Easter, my first in New York. Mother takes me to the Met to see Manon, the tragic story of two lovers who defy the world but end up destroying each other. I'd like to think she's trying to tell me something. It's a matinee, in the spring sunshine the colorful Chagalls are covered up and the white stone facade with its tall arches looks less inviting, harder somehow.
We take our seats, mother dressed dramatically in flowing cascades of finest smoke black Italian silks, me in a gray pencil skirt and my highest heels. Just as the lights fade and the orchestra starts playing I turn to the right and time comes to a sudden halt the moment I see her, seven or eight seats away: the woman in black from the party. She doesn't look at me but I can't escape the eery feeling of being constantly watched. Between acts I follow her out into the lobby but lose her somewhere in the crowds, when we return her seat is empty and she doesn't come back.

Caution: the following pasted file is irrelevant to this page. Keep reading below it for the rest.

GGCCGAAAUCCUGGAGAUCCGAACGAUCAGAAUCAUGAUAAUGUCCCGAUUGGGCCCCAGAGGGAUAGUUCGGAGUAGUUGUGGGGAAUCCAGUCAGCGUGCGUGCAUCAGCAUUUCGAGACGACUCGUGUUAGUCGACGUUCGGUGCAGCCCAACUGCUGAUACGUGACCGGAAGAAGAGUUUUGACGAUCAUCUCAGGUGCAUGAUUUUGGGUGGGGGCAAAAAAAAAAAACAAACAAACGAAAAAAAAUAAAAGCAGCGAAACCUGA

The opera goes on like a machinery, in the final act the protagonist dies in the arms of her lover, singing ...et c'est là l'histoire de Manon Lescaut. Mother gets up, almost loses her balance for a second but regains her posture, walks out beneath the arches and all the way home without saying a single word, eyes straight forward. I think she saw her too.